All is not well for Indiana’s middle class
By Indiana Senate Democratic Leader Tim Lanane (D-Anderson)
Word Count: 357

According to a report by the credit rating agency Standard & Poor’s, Indiana’s growing income inequality is negatively affecting the state’s tax revenue. My fellow Democrats in the legislature and I have argued that Indiana’s tax policies have done little to improve the status of working, middle-class Hoosiers and this report has further validated our concerns.

Over the course of the last few legislative sessions, we have seen proposals that proponents say are intended to improve business in our state and create jobs. Republican legislators in the General Assembly have focused their priorities on improving Indiana’s business climate by passing the so-called “Right to Work” law and further cutting the state’s corporate tax rates with little proof these policies create the high-paying jobs Hoosiers deserve.

In fact, I would argue that these tax proposals further shift the burden onto middle class Hoosiers. The fact of the matter remains that we are leaving far too many working-class Hoosiers behind.

In 2008 the legislature raised the sales tax rate from 6 percent to 7 percent in order to offset the loss of revenue from property tax caps. Indiana now has the second highest sales taxes in the nation at 7 percent, trailing only California. Sales taxes make up the largest source of revenue for the state, but are tied to consumer spending, something Hoosiers may not be motivated to do when there is this growing income inequality in our state. This is how Indiana’s tax policies are hurting our revenues year after year.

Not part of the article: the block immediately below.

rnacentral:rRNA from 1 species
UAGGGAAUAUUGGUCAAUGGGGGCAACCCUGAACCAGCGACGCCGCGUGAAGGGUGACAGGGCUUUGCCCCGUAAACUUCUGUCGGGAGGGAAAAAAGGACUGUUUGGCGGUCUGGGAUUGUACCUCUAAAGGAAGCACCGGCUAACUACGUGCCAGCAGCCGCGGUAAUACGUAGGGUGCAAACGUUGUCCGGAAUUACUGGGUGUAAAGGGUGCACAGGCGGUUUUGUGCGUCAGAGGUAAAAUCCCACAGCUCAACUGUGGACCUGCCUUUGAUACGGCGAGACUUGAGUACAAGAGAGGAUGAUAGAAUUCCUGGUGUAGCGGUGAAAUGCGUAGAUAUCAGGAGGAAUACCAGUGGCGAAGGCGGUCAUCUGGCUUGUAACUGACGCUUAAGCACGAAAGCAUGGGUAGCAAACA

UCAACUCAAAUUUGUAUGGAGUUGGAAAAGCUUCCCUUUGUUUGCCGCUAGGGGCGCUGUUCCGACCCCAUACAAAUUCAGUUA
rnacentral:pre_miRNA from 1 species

Initiatives such as raising the minimum wage and raising the earned income tax credit have been shown to assist low-income working individuals and families while helping to combat this growing wealth gap. Investing in our children in the form of quality, statewide early-childhood education programs should also be a priority as other states have seen significant returns on their investment of public dollars. It is my hope that during this upcoming budget session, we can develop these innovative and common-sense solutions to this income inequality dilemma. We in the legislature need to focus on more ways to increase these floundering incomes while reinvesting in our citizens.

Sen. Lanane represents Indiana Senate District 25, which includes portions of Madison and Delaware Counties, including the City of Muncie and portions of the City of Anderson. For more information on Sen. Lanane, his legislative agenda or other State Senate business call 1-800-382-9467 or visit www.IN.gov/S25 .

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